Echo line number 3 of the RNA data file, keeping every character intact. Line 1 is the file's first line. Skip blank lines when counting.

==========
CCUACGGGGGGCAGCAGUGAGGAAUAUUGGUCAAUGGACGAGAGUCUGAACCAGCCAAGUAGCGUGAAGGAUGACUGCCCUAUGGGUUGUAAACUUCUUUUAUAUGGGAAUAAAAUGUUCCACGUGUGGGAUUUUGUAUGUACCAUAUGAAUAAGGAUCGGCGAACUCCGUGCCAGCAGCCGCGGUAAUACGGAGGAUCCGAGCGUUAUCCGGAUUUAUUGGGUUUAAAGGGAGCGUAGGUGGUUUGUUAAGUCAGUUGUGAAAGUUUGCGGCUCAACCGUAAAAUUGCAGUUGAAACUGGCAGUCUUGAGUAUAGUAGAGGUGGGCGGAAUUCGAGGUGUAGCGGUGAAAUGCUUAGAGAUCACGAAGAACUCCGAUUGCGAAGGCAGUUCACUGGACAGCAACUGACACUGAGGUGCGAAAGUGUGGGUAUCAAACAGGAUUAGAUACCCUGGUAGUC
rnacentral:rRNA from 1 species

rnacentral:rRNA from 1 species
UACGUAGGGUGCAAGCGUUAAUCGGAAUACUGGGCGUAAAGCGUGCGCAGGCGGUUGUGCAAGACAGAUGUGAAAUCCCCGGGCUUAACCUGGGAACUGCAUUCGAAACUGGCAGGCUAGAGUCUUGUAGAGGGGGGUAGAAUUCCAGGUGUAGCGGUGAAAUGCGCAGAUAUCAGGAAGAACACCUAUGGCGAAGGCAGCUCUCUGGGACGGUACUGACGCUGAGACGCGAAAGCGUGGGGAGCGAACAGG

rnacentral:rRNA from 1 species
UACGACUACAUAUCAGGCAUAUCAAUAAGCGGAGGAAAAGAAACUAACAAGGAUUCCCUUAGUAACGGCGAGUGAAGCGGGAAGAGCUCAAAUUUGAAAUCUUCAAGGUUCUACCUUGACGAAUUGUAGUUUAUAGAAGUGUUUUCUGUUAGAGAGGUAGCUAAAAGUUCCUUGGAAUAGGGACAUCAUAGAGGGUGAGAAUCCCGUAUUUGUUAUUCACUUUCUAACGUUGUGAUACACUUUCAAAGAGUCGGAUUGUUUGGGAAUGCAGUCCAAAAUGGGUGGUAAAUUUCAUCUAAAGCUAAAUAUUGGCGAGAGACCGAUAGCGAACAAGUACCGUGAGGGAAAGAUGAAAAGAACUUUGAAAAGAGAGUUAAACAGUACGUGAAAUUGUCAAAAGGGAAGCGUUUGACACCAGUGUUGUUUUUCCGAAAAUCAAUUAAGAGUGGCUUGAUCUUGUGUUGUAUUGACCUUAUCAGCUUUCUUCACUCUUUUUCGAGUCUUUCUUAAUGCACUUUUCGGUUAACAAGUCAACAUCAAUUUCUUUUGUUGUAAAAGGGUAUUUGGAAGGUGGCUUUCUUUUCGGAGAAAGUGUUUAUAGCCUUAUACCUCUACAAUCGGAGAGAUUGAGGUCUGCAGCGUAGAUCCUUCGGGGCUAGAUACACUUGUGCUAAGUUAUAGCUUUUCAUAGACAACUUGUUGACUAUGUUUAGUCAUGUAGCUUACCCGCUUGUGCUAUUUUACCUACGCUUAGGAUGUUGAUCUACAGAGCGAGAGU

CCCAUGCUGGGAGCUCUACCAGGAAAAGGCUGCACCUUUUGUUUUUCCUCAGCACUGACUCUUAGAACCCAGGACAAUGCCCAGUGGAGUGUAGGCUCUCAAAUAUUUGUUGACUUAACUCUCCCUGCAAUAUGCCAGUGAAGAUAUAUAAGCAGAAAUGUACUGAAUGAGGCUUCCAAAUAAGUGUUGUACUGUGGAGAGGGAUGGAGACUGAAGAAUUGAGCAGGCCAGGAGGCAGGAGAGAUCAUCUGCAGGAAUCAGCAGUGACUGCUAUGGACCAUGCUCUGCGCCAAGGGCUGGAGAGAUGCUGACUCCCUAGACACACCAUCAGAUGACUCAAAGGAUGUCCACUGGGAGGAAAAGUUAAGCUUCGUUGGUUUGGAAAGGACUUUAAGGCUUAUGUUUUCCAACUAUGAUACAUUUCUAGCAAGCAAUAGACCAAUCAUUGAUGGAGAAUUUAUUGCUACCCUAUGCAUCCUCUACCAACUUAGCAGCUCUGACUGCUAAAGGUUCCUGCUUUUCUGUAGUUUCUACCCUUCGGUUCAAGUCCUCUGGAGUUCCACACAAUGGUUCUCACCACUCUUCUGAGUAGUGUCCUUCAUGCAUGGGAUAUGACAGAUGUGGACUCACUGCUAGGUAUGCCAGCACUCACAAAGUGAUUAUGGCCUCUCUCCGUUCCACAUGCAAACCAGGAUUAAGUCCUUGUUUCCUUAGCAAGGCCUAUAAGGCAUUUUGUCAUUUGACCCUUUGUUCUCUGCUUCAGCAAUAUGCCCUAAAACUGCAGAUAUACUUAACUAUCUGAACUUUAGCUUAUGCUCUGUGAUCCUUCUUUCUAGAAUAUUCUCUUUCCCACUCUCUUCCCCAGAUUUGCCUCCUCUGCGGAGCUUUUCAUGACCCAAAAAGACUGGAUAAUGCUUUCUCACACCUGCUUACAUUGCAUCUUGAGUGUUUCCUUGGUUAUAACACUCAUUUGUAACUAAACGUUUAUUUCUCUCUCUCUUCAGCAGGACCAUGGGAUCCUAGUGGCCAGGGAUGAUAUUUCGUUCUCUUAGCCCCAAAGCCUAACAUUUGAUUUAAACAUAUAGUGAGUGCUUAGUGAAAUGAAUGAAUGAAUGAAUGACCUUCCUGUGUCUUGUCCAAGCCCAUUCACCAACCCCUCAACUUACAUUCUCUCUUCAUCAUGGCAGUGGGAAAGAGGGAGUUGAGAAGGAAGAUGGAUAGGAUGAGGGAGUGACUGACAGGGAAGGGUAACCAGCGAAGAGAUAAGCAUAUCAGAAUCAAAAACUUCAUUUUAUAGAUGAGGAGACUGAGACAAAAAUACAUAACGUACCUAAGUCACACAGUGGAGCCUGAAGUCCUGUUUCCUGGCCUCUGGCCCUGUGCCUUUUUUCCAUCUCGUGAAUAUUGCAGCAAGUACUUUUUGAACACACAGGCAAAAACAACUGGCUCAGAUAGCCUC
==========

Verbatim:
rnacentral:rRNA from 1 species